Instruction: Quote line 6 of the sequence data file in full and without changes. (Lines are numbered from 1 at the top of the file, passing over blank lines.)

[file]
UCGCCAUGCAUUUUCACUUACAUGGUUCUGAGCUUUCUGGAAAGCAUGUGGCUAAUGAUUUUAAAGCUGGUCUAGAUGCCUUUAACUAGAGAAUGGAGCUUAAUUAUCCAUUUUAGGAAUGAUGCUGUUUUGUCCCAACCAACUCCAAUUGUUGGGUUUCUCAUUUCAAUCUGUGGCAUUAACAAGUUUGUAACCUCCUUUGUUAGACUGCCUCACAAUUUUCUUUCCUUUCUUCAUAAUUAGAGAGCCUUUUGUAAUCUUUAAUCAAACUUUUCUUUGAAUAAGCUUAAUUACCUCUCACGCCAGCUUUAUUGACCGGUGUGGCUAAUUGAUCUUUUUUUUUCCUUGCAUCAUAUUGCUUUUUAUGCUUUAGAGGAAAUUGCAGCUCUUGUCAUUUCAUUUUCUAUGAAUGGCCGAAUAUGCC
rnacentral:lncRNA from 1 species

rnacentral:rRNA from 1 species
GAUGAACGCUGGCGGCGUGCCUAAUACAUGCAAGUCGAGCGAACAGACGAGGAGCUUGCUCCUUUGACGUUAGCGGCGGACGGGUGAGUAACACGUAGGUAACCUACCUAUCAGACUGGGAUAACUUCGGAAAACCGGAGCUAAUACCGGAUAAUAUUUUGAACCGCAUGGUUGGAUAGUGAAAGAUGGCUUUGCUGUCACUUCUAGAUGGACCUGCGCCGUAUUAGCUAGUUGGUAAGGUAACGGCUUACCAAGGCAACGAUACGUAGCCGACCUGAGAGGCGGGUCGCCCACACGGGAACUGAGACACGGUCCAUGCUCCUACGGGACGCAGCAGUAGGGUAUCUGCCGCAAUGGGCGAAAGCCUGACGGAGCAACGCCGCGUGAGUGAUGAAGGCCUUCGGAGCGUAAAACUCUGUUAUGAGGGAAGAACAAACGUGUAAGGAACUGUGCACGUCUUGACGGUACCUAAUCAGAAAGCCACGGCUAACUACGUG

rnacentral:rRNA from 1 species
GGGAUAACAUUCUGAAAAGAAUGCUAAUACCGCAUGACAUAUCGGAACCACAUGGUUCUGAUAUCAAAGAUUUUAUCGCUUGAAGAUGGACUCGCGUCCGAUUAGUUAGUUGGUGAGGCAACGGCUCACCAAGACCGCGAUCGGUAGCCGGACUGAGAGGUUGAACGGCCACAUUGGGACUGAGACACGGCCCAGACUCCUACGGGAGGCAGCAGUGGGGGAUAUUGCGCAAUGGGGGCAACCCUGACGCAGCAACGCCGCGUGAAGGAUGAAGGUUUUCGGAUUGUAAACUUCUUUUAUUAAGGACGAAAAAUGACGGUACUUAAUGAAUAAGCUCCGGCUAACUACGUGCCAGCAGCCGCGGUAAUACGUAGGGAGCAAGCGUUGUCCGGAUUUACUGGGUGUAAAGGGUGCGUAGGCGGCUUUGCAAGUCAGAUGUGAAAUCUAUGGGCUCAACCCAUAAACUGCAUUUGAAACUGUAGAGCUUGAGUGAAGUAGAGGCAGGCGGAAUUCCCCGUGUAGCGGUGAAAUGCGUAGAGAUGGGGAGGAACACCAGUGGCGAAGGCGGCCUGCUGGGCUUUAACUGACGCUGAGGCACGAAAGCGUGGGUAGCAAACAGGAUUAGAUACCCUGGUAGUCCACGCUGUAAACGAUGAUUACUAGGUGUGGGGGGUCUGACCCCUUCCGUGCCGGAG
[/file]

GGGAUAACAUUCUGAAAAGAAUGCUAAUACCGCAUGACAUAUCGGAACCACAUGGUUCUGAUAUCAAAGAUUUUAUCGCUUGAAGAUGGACUCGCGUCCGAUUAGUUAGUUGGUGAGGCAACGGCUCACCAAGACCGCGAUCGGUAGCCGGACUGAGAGGUUGAACGGCCACAUUGGGACUGAGACACGGCCCAGACUCCUACGGGAGGCAGCAGUGGGGGAUAUUGCGCAAUGGGGGCAACCCUGACGCAGCAACGCCGCGUGAAGGAUGAAGGUUUUCGGAUUGUAAACUUCUUUUAUUAAGGACGAAAAAUGACGGUACUUAAUGAAUAAGCUCCGGCUAACUACGUGCCAGCAGCCGCGGUAAUACGUAGGGAGCAAGCGUUGUCCGGAUUUACUGGGUGUAAAGGGUGCGUAGGCGGCUUUGCAAGUCAGAUGUGAAAUCUAUGGGCUCAACCCAUAAACUGCAUUUGAAACUGUAGAGCUUGAGUGAAGUAGAGGCAGGCGGAAUUCCCCGUGUAGCGGUGAAAUGCGUAGAGAUGGGGAGGAACACCAGUGGCGAAGGCGGCCUGCUGGGCUUUAACUGACGCUGAGGCACGAAAGCGUGGGUAGCAAACAGGAUUAGAUACCCUGGUAGUCCACGCUGUAAACGAUGAUUACUAGGUGUGGGGGGUCUGACCCCUUCCGUGCCGGAG